There may be a presumption that an article published in a medical journal is authoritative and reliable, having met the vetting process for publication that often includes peer review.  That presumption, however, is not allows valid. Halpern contends that, in appropriate circumstances, lawyers must be prepared to challenge medical literature based on three approaches: first, the literature may simply have no application to the case, which can happen with epidemiological studies; second, the conclusions reached in the article may not be reliable; and, third, the article or parts of it might be just junk science.

An article’s inclusion in a reputable publication doesn’t make it true, and it falls to plaintiff lawyers to test it. Lawyers must dig deeper and go the extra mile, Halpern says, because “that’s what advocacy is about in medical malpractice litigation – not simply accepting what’s on paper but making inquiries to make sure it’s true, whether it’s science or something else.”

As an example, Halpern refers to birth injury causation guidelines issued by the American College of Obstetricians and Gynecologists in 2003 that were adopted in large part by the Society of Obstetricians and Gynecologists of Canada (SOGC). When these guidelines came out, Halpern, who has over three decades of experience representing children affected by birth trauma, looked behind the guidelines: he examined each footnote, read all the associated literature, and quickly discovered that the guidelines were not reliable on the issue of causation. In 2014, the American group resiled substantially from the earlier position on causation, but the Canadian group has yet to follow that lead for reasons Halpern finds difficult to fathom.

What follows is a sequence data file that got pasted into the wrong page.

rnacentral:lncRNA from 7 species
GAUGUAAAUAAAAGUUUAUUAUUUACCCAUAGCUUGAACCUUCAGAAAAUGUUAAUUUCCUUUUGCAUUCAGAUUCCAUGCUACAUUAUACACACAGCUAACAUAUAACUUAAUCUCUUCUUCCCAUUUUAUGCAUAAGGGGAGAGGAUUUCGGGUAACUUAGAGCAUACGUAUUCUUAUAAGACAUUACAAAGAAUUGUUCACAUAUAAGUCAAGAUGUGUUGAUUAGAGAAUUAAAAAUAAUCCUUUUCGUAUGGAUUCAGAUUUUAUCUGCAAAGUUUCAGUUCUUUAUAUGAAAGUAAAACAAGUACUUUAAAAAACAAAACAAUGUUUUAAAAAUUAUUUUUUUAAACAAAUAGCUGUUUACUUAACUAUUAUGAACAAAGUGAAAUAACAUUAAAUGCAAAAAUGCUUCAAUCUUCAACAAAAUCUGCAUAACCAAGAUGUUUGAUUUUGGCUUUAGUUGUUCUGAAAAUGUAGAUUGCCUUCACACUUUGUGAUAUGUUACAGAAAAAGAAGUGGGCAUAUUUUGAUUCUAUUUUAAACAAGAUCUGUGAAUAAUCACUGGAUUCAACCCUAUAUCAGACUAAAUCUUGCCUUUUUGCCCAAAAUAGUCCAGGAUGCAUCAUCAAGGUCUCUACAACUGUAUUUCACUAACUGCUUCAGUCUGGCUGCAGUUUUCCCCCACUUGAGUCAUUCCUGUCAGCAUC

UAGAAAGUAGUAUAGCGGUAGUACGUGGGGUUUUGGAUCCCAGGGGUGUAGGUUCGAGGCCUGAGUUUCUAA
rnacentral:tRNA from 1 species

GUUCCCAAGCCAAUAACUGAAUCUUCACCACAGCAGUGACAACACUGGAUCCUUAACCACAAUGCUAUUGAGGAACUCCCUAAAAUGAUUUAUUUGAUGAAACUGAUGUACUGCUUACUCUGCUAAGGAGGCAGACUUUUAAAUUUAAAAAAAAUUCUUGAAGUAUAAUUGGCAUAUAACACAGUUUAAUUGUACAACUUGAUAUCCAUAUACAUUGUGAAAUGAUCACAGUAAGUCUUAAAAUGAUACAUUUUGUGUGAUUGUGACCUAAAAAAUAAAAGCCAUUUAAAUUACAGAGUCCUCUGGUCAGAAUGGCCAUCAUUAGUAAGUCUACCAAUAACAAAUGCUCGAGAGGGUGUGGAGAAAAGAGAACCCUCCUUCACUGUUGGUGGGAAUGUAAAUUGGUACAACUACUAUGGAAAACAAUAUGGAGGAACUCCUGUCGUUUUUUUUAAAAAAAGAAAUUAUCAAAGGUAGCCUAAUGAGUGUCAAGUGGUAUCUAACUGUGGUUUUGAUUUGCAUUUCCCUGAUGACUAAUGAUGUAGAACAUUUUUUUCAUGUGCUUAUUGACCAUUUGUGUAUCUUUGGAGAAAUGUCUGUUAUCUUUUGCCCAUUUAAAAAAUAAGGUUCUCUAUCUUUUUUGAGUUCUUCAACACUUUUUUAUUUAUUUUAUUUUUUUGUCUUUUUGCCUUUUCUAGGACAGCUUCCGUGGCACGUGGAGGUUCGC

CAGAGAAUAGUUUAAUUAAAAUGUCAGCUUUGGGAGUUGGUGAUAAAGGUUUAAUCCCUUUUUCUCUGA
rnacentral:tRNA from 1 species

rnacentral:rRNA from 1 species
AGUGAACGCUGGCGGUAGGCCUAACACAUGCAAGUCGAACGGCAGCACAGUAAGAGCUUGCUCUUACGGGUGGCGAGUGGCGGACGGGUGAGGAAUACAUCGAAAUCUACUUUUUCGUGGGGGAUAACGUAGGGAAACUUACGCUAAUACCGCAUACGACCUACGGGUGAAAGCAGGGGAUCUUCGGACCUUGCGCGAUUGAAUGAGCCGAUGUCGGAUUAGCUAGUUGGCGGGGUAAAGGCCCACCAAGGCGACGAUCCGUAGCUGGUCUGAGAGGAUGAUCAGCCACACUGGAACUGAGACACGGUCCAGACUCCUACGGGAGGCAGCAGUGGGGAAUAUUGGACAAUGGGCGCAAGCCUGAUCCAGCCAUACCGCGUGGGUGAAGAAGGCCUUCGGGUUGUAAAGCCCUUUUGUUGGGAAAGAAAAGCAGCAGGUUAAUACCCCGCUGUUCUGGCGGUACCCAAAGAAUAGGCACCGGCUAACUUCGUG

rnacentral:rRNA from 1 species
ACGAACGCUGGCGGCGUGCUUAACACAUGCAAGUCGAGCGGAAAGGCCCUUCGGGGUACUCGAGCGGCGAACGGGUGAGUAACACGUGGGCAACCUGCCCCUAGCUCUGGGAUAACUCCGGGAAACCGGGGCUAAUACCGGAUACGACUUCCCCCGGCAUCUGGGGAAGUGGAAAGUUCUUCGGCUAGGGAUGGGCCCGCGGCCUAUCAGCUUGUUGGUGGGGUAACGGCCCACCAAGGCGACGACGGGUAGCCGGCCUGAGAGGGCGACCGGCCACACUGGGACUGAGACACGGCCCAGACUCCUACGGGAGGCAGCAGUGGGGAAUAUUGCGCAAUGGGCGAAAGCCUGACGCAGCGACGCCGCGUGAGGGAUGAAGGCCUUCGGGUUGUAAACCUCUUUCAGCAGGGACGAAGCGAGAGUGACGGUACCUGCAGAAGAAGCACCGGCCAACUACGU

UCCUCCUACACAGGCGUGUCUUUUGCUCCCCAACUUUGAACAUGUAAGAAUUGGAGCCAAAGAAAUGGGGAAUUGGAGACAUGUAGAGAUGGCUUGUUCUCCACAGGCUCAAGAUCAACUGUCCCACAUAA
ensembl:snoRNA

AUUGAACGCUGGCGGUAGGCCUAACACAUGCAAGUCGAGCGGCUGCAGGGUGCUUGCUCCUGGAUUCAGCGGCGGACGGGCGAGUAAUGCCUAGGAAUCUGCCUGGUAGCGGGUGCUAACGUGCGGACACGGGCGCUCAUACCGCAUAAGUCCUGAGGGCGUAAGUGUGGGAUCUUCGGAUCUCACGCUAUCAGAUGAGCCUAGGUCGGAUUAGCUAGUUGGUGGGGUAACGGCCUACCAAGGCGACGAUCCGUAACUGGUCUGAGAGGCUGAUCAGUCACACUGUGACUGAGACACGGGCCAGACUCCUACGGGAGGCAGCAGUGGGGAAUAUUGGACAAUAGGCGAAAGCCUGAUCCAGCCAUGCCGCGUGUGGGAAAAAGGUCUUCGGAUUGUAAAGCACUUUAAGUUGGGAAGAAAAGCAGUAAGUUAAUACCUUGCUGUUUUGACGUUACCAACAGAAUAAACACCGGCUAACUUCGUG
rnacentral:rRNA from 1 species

The Canadian group also published a new guideline on fetal surveillance in March 2020 that Halpern took issue with, writing a critique ­– Oversights, omissions and opportunities squandered. In that article, Halpern argues that the objective of medical literature must be the reduction of newborn injury, not the defence of litigation. Where the actions of a doctor are defensible and where the injury suffered by the baby can be demonstrated not to be anybody’s fault – and that does happen – it’s perfectly legitimate to have expert evidence that supports that, “but not when you’re relying on the science which is clearly unreliable,” Halpern says, adding that “the best way to reduce bad outcomes isn’t defensive medicine, or defensive articles, but through improved care.”